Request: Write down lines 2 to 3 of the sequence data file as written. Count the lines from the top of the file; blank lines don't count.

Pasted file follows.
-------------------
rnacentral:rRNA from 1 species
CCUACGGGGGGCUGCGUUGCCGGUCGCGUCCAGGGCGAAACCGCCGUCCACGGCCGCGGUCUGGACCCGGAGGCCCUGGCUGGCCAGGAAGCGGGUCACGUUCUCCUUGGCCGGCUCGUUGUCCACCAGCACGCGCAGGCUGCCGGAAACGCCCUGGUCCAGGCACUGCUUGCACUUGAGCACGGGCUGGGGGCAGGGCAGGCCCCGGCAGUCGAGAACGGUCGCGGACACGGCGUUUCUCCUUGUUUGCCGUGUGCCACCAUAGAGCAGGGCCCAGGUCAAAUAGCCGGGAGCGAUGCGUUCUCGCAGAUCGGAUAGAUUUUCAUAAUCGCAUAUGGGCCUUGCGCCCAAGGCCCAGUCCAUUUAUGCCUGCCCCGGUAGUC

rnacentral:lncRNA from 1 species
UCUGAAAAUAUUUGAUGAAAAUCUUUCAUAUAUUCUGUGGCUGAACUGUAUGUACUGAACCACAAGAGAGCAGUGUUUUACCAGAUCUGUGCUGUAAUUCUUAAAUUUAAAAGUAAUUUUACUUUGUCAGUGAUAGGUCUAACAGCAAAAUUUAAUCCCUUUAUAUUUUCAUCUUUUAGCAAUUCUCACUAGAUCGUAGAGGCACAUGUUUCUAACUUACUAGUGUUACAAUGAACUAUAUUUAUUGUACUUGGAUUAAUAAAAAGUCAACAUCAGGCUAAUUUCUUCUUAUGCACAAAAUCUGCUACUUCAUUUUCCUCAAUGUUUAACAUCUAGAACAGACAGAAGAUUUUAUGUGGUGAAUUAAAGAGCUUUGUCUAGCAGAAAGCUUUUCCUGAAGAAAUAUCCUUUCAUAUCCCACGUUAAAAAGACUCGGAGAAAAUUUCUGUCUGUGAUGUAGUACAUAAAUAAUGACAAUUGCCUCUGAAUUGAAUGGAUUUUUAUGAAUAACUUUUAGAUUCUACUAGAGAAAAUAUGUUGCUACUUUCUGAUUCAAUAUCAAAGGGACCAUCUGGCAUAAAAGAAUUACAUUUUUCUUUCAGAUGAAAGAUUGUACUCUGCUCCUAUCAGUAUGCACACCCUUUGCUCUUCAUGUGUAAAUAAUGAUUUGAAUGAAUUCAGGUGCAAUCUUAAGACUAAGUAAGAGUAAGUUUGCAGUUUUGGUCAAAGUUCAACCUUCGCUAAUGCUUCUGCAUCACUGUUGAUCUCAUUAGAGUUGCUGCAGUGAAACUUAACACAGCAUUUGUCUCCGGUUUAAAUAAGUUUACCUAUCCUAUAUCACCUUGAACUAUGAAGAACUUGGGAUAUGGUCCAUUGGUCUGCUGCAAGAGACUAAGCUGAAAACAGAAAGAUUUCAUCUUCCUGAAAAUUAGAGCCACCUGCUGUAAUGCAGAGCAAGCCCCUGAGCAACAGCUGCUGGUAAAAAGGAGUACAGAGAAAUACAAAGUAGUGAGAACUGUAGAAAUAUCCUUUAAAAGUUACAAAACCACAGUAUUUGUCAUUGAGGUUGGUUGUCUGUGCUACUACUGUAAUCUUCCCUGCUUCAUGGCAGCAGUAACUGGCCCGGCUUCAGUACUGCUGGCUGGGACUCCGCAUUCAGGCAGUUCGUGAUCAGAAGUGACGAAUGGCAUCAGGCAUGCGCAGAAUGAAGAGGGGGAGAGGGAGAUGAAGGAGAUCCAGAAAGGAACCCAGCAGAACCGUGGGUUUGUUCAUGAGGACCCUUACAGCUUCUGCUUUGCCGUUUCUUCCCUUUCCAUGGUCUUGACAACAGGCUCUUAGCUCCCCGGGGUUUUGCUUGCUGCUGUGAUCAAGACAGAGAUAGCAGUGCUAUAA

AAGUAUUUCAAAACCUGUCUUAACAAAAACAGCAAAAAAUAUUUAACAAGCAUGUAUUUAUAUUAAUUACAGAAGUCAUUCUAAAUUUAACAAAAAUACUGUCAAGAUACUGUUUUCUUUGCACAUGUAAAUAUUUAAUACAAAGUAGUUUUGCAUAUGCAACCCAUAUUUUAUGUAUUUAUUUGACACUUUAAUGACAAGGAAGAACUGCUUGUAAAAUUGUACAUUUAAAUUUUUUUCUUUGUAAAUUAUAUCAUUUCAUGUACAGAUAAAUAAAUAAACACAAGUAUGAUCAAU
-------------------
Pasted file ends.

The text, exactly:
CCUACGGGGGGCUGCGUUGCCGGUCGCGUCCAGGGCGAAACCGCCGUCCACGGCCGCGGUCUGGACCCGGAGGCCCUGGCUGGCCAGGAAGCGGGUCACGUUCUCCUUGGCCGGCUCGUUGUCCACCAGCACGCGCAGGCUGCCGGAAACGCCCUGGUCCAGGCACUGCUUGCACUUGAGCACGGGCUGGGGGCAGGGCAGGCCCCGGCAGUCGAGAACGGUCGCGGACACGGCGUUUCUCCUUGUUUGCCGUGUGCCACCAUAGAGCAGGGCCCAGGUCAAAUAGCCGGGAGCGAUGCGUUCUCGCAGAUCGGAUAGAUUUUCAUAAUCGCAUAUGGGCCUUGCGCCCAAGGCCCAGUCCAUUUAUGCCUGCCCCGGUAGUC

rnacentral:lncRNA from 1 species